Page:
groupSequenceContainsDefault = true;
                // Meaning: You need to add the Default group and use the Class of this class instead of adding the Default.class.~
                else if ( group.getName().equals( Default.class.getName() ) ) { 
                    throw LOG.getNoDefaultGroupInGroupSequenceException();
                } else { // Normally add to default group
                    validDefaultGroupSequence.add( group );
        // If the Default group is not found, an exception is thrown~
        if ( !groupSequenceContainsDefault ) {
            throw LOG.getBeanClassMustBePartOfRedefinedDefaultGroupSequenceException( beanClass );
        return validDefaultGroupSequence;

At this point, the defaultGroupSequenceProvider. getValidation Groups (null) is executed once (for the first time) just in the initial BeanMetaData phase, so it is necessary to make a blank judgement. It is also necessary to add this class to the default group (otherwise error is reported).~
Here the BeanMetaData < T > rootBeanMetaData is created, and the logic of validate() continues.~

4. determineGroup Validation Order (groups) determines the group sequence (execution order of groups) from the group specified by the caller

    public final <T> Set<ConstraintViolation<T>> validate(T object, Class<?>... groups) {
        BeanMetaData<T> rootBeanMetaData = beanMetaDataManager.getBeanMetaData( rootBeanClass );
        ... // Prepare Validation Context (holding rootBeanMetaData and object instances)
        // groups are grouping arrays passed in by the caller (corresponding to the Group information specified in Spring MVC ~)
        ValidationOrder validationOrder = determineGroupValidationOrder(groups);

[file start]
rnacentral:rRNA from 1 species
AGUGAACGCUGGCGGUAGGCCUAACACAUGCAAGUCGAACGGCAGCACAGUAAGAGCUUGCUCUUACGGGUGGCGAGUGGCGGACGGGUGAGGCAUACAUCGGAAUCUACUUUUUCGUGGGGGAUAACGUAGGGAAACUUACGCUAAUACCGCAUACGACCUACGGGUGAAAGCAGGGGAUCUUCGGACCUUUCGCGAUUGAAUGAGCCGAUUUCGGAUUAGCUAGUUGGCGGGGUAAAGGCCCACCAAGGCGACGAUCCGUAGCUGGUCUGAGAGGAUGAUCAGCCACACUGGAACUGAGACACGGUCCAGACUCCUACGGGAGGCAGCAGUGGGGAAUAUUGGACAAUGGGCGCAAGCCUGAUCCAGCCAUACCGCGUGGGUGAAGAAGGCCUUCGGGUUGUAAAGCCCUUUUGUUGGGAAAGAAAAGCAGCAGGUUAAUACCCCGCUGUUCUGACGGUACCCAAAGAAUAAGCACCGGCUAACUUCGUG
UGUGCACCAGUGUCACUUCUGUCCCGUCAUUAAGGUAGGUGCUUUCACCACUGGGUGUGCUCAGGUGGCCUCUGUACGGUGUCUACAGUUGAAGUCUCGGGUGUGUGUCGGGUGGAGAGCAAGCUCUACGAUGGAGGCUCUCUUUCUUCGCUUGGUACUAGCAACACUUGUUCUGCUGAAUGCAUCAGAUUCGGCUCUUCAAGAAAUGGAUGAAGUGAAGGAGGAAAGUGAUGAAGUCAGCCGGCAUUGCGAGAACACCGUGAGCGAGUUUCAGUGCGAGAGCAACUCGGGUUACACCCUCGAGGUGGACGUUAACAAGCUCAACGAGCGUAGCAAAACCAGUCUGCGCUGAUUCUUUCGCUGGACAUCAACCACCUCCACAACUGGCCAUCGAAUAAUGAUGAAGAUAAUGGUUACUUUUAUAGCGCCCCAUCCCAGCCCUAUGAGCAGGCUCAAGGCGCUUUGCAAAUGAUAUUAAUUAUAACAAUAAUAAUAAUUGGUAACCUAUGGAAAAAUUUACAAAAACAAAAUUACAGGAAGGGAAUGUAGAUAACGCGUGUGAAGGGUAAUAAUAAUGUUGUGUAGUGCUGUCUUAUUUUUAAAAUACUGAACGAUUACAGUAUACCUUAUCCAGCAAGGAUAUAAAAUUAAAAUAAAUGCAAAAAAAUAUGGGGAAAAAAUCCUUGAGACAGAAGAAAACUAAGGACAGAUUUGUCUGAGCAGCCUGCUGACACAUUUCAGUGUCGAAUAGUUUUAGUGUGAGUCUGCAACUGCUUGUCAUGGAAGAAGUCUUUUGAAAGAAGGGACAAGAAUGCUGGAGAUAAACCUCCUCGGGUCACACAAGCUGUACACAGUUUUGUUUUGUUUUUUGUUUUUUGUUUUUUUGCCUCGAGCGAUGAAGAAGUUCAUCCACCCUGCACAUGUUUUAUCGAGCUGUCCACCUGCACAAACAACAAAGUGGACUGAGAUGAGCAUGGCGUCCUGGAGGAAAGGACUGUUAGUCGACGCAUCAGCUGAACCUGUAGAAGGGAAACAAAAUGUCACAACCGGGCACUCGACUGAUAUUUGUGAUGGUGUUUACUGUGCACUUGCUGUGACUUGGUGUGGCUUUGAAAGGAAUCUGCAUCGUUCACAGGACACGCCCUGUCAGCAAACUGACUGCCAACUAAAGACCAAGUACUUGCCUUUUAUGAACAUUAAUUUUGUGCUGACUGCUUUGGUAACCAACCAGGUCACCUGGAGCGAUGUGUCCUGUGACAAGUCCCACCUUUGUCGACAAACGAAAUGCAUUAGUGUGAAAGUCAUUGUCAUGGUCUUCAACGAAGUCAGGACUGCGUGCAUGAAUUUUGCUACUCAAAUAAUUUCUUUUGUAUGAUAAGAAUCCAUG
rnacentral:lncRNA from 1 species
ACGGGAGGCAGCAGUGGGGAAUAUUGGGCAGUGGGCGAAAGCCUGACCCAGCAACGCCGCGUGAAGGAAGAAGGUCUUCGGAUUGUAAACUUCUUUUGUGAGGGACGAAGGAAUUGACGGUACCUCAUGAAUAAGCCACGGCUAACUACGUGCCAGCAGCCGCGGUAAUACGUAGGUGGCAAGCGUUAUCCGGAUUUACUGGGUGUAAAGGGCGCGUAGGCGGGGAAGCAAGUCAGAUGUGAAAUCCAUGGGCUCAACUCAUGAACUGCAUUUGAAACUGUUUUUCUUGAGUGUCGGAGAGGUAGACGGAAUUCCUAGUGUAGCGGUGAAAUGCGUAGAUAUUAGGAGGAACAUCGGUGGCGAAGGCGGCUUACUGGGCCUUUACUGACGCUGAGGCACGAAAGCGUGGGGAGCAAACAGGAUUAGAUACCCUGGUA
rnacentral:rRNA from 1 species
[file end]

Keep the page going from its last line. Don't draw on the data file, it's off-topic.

... // Prepare ValueContext (holding rootBeanMetaData and object instances)

        // At this point, it's still at the Bean level, and it's time to start validating the bean.
        return validateInContext( validationContext, valueContext, validationOrder );

    private ValidationOrder determineGroupValidationOrder(Class<?>[] groups) {
        Collection<Class<?>> resultGroups;
        // if no groups is specified use the default
        if ( groups.length == 0 ) {
            resultGroups = DEFAULT_GROUPS;
        } else {
            resultGroups = Arrays.asList( groups );
        // getValidationOrder() is the main logical description. At this point resultGroups is at least a [Default.class]
        // 1. If it's just a Default.class, return it directly.
        // 2. Travel through all groups. (The specified Group must be an interface)
        // 3. If the traversed group is annotated with `GroupSequence', special processing of the sequence (adding the groups in the sequence)
        // 4. Ordinary Group, then new Group (clazz) is added to `validation Order'. And insert recursively (because there may be a parent interface)
        return validationOrderGenerator.getValidationOrder( resultGroups );

To this Validation Order (actually DefaultValidation Order), the Groups passed in when the caller calls the validate() method are saved. The grouping sequence @GroupSequence is then parsed.
By validateInContext(...), you're starting to check this Bean with the Groups grouping and meta information.~

5. validateInContext(...) Checks this Bean in context (check context, value context, specified grouping)

    private <T, U> Set<ConstraintViolation<T>> validateInContext(ValidationContext<T> validationContext, ValueContext<U, Object> valueContext, ValidationOrder validationOrder) {